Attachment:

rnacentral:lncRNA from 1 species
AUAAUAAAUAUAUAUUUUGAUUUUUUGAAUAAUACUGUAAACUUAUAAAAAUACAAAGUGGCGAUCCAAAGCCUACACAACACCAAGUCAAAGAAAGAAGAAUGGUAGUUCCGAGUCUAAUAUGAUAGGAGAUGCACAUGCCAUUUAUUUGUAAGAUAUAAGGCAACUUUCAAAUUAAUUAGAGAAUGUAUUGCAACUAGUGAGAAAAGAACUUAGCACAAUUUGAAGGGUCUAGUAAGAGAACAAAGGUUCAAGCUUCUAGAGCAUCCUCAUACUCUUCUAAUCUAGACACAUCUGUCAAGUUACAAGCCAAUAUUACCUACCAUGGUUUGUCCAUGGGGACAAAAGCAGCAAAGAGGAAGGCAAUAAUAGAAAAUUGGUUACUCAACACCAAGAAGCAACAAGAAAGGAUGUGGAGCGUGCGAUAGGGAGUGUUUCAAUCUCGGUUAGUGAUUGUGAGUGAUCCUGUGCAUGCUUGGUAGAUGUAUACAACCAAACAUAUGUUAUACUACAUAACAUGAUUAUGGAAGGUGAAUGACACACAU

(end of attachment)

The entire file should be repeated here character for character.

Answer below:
rnacentral:lncRNA from 1 species
AUAAUAAAUAUAUAUUUUGAUUUUUUGAAUAAUACUGUAAACUUAUAAAAAUACAAAGUGGCGAUCCAAAGCCUACACAACACCAAGUCAAAGAAAGAAGAAUGGUAGUUCCGAGUCUAAUAUGAUAGGAGAUGCACAUGCCAUUUAUUUGUAAGAUAUAAGGCAACUUUCAAAUUAAUUAGAGAAUGUAUUGCAACUAGUGAGAAAAGAACUUAGCACAAUUUGAAGGGUCUAGUAAGAGAACAAAGGUUCAAGCUUCUAGAGCAUCCUCAUACUCUUCUAAUCUAGACACAUCUGUCAAGUUACAAGCCAAUAUUACCUACCAUGGUUUGUCCAUGGGGACAAAAGCAGCAAAGAGGAAGGCAAUAAUAGAAAAUUGGUUACUCAACACCAAGAAGCAACAAGAAAGGAUGUGGAGCGUGCGAUAGGGAGUGUUUCAAUCUCGGUUAGUGAUUGUGAGUGAUCCUGUGCAUGCUUGGUAGAUGUAUACAACCAAACAUAUGUUAUACUACAUAACAUGAUUAUGGAAGGUGAAUGACACACAU